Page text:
4 Ways to Build Leaders and Boost Student Organization Effectiveness

Why Clubs and Orgs?

Clubs and organizations are the gateway to student involvement on campus. From day one, student leaders are competing for the attention of all the fresh faces settling into their new home.

Student orgs play a couple critical roles on campus. For one, the students who participate are more likely to complete their degree at the same institution. Students who are frequently bored on campus are those most likely to transfer to another school.

The value of engagement to the students’ education cannot be overlooked either. The chance to organize groups, complete projects, and practice leadership outside of the classroom gives students a much more meaningful college experience.

Inclusive Leadership Means Creating Opportunities for Others

Including members is different than simply inviting them to the meeting. Build genuine commitment by establishing shared goals that relate to the values you all have in common. Encourage and expect them to participate in discussion. Guide them towards leadership opportunities. If ‘positions’ are unavailable within the organization, carve out new roles and appoint members to increase retention. There are really effective complements to traditional positions like President, Vice President, Secretary, and Treasurer.

Immediately spread leadership and enhance effectiveness by adding these four roles to your organization:

  1. Facilitator

Any group that convenes meetings is familiar with the need for facilitation. The meetings that stick out and energize students occur because of inclusive facilitation. Moderating discussion that it is respectful, constructive, and stays on topic does not just happen- it takes focus and practice. The facilitator is responsible for setting a comfortable and inclusive tone for the meeting, while synthesizing ideas, and guiding the group towards action.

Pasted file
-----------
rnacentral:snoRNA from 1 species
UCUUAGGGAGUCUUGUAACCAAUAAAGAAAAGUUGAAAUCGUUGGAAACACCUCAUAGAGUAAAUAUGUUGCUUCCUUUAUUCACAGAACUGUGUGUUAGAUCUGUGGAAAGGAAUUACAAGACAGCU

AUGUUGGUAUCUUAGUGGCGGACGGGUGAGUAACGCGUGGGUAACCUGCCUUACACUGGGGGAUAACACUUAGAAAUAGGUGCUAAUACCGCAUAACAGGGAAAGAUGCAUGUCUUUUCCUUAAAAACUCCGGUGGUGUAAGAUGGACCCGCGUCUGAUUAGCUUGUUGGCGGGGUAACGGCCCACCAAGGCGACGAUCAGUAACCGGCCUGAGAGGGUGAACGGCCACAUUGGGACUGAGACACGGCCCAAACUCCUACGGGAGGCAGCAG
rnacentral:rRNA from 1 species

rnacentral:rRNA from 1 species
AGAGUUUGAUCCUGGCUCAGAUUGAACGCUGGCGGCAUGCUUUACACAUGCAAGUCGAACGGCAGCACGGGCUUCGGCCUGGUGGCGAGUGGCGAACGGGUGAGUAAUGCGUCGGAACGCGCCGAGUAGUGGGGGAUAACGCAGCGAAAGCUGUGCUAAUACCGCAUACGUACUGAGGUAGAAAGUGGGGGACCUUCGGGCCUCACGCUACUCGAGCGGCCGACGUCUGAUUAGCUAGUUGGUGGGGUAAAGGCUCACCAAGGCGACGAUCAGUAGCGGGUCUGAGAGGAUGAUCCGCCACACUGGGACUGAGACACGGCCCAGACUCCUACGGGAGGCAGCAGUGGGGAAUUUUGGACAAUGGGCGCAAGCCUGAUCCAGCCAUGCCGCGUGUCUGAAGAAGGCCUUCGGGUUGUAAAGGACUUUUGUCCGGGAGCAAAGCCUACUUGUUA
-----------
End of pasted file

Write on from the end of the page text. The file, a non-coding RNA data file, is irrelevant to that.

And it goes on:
1. Project Manager

Organizations that delegate tasks and accomplish goals on a project-by-project basis need project managers. Think of committee chairs or department directors. Project managers should have some time at each meeting to review the project goals, update on progress, identify next steps, and assign tasks.

If you ever feel like you go to meetings just to meet, join the club. We’ve all been to the meeting where it was clear nothing got done and nothing will get done as a result of our time together. Always, always, ALWAYS end a meeting by assigning specific tasks to individuals. Everybody leaves with homework.

  1. Communications Coordinator

Think of the communications coordinator as an updated version of the traditional secretary. In addition to posting the meeting minutes and sending out notices, this role can include social media management, blogging and press engagement.

  1. Outreach Coordinator

Organizations that focus on outreach are more likely to grow and thrive. Think of outreach in two perspectives. First, we want more students to join our organization. Second, we need partners in the community to help us complete our projects and accomplish our goals.

Identifying students who share interests with your groups mission requires consistent and sincere outreach. Similarly, identifying groups or individuals in the community that may benefit from or help you with your organizations goals needs to happen. The best outreach strategies focus on cultivating genuine networks of relationships built of common interests and shared goals.

More Leadership, More Action

Providing others with leadership opportunities proves to them you’re genuinely interested in their personal development as well as the growth of the group as a whole. These opportunities will build others into more proactive individuals while expanding your organization’s network and influence. After all, the best thing an effective leader can do is cultivate leadership in others.

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